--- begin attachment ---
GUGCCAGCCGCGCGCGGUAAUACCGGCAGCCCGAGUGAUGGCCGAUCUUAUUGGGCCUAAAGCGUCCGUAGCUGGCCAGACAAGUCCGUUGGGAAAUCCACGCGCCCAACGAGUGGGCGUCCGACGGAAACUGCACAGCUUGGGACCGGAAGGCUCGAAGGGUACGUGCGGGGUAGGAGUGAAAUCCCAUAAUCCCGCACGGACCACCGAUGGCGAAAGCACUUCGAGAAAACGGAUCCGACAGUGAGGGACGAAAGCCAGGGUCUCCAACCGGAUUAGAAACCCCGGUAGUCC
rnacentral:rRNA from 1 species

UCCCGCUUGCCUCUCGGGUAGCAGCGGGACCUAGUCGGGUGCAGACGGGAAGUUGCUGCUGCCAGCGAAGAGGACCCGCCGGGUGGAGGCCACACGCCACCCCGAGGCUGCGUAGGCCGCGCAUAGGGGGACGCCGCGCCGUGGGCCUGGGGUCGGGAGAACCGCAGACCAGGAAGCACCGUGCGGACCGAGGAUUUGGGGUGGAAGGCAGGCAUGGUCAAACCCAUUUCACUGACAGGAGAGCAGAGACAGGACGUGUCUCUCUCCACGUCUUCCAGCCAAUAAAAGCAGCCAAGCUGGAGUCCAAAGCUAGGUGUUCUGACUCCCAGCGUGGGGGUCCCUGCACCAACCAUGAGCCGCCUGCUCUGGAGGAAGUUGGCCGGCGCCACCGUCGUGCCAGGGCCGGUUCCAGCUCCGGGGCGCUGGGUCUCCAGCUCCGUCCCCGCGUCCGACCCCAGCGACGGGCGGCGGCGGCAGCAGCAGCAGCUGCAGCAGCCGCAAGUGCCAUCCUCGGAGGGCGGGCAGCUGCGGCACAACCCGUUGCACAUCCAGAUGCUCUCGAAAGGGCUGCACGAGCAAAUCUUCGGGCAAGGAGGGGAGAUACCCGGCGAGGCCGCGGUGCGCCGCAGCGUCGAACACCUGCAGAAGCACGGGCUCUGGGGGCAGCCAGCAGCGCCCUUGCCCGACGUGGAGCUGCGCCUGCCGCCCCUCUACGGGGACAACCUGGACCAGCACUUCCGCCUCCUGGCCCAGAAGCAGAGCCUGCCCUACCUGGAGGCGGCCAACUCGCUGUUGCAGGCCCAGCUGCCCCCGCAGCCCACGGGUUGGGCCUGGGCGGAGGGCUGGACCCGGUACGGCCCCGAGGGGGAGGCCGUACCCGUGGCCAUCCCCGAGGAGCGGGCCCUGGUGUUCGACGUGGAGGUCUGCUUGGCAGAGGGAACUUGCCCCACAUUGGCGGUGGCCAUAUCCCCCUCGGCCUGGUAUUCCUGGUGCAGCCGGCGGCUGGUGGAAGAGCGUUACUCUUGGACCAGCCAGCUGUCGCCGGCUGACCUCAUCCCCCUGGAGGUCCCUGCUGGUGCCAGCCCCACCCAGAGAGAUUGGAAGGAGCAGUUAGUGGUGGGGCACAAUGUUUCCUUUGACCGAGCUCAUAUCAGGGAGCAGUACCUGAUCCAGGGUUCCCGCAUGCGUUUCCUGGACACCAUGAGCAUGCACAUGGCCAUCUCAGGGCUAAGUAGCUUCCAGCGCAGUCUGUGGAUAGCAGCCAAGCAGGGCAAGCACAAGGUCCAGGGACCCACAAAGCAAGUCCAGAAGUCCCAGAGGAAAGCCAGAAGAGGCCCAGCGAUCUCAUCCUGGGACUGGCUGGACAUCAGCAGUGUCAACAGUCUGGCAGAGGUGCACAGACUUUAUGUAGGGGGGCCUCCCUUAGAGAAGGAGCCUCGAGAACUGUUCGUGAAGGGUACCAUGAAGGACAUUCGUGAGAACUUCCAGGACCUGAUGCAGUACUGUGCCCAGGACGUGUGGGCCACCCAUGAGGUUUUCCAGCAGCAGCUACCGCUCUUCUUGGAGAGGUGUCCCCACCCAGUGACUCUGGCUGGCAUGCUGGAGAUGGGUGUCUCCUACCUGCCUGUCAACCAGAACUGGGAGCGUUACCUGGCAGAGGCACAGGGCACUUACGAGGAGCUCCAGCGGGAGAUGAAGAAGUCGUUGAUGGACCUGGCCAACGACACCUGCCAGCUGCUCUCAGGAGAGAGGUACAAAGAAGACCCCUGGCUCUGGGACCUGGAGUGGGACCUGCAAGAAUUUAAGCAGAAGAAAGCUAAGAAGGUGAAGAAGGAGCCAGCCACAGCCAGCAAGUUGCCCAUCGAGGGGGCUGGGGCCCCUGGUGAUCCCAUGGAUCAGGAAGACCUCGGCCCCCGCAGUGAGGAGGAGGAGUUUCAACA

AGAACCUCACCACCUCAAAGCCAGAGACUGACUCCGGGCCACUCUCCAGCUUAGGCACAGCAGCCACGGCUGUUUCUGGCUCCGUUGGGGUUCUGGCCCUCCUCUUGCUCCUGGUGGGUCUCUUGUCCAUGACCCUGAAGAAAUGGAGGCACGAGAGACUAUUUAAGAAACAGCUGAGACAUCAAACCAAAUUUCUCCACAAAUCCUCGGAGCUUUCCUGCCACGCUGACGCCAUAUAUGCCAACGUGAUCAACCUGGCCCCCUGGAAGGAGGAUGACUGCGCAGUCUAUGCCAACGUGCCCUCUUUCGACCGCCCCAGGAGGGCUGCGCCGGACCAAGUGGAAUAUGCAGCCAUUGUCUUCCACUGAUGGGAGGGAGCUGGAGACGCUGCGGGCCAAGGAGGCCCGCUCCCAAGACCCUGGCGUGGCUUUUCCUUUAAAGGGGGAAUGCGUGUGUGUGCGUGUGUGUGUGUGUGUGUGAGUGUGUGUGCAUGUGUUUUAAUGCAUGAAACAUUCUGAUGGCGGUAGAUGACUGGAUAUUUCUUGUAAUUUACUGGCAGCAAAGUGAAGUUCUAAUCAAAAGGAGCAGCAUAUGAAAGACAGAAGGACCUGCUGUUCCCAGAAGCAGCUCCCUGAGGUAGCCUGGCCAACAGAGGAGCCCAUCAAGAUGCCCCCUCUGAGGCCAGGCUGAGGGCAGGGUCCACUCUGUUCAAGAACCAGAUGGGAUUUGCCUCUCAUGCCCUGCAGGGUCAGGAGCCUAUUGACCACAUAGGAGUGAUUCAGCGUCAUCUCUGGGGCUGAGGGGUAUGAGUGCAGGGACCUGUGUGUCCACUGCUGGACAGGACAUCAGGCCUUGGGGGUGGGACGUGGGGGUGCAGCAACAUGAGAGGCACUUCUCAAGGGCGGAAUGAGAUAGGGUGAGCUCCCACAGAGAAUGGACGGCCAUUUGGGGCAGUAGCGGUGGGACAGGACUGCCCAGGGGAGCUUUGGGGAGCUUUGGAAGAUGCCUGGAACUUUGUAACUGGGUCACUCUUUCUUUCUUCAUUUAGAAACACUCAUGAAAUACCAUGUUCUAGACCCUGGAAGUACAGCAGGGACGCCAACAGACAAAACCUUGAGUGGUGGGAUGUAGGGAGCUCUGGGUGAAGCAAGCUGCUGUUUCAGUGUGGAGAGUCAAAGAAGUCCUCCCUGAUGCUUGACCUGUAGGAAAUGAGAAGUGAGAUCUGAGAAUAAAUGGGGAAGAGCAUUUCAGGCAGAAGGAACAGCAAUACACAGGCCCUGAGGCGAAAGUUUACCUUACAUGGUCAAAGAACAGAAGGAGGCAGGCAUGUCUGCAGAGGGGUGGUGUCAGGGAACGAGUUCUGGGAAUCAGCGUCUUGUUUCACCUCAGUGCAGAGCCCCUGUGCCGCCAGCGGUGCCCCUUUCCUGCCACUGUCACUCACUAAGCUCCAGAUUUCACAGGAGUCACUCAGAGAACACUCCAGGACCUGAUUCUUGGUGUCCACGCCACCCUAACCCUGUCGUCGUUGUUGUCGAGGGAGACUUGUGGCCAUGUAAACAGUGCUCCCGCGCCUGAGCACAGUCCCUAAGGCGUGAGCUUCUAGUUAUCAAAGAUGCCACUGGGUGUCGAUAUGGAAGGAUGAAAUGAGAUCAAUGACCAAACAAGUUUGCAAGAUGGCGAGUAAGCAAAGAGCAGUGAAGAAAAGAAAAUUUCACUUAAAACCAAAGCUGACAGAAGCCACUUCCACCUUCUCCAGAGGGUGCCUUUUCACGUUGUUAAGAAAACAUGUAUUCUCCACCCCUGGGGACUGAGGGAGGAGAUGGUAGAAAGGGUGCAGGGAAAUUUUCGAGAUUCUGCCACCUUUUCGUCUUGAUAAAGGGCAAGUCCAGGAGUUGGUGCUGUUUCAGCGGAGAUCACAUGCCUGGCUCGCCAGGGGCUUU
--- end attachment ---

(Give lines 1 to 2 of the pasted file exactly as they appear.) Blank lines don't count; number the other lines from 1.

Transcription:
GUGCCAGCCGCGCGCGGUAAUACCGGCAGCCCGAGUGAUGGCCGAUCUUAUUGGGCCUAAAGCGUCCGUAGCUGGCCAGACAAGUCCGUUGGGAAAUCCACGCGCCCAACGAGUGGGCGUCCGACGGAAACUGCACAGCUUGGGACCGGAAGGCUCGAAGGGUACGUGCGGGGUAGGAGUGAAAUCCCAUAAUCCCGCACGGACCACCGAUGGCGAAAGCACUUCGAGAAAACGGAUCCGACAGUGAGGGACGAAAGCCAGGGUCUCCAACCGGAUUAGAAACCCCGGUAGUCC
rnacentral:rRNA from 1 species